With the battles having begun in Iraq, the U.S. economy once again looks as if it might be on the cusp of emerging from its torpor. The Standard & Poor's 500-stock index rose more last week than it did during any week since September 2001, and Wall Street forecasters have predicted that a quick military victory would reduce economic uncertainty, causing a surge of corporate and consumer spending.
But this has become a familiar refrain. A year and a half ago, many economists said that the country would prosper as soon as it recovered from the Sept. 11 attacks. Early last year, the scandals at Enron, Worldcom and elsewhere were supposed to be all that was preventing a new boom.
With each new month of layoffs and other corporate cost-cutting, however, the exceptions begin to look more like a rule. Increasingly, corporate executives and some economists worry that the slow-growth economy of the last three years might in fact be the new reality, one that will bedevil workers and investors for a few more years.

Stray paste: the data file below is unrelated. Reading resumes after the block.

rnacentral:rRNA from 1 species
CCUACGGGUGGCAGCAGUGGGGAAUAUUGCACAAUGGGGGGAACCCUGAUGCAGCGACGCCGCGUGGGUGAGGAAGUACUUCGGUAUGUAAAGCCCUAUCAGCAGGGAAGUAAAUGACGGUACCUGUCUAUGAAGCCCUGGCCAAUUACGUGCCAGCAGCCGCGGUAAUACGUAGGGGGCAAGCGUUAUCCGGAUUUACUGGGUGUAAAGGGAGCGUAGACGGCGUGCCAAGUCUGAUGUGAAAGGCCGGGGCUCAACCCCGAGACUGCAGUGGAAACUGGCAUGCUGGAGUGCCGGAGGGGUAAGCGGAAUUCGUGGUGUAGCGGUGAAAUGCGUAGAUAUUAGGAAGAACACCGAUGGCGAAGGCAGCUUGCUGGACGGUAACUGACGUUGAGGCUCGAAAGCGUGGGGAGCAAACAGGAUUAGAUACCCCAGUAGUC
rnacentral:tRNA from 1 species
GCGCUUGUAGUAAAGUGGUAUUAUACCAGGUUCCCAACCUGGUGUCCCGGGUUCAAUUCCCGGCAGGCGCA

"When it all comes out, we're going to have a significantly less sanguine outlook than we did in the late '90s," said Dale W. Jorgenson, an economist at Harvard University and an expert in productivity, widely seen as the most important factor for future growth. "That's something we're just going to have to get used to."
Economic turning points rarely announce themselves clearly, and rapid growth might truly be just around the corner this time, thanks to the Federal Reserve's reduction of short-term interest rates, say, or a technology breakthrough yet to be understood. At the least, a victory in Iraq would seem likely to cause a spurt of optimism and economic activity.
But there are tangible reasons to doubt that the United States will soon return to the heady times of the late 1990s. The federal budget deficit is rising, and the aging of the population will slow the growth of the labor force.
Consumers will probably not increase spending as rapidly as they did in recent years, and businesses — having invested so much in the boom years — still have a lot of idle factories and machinery.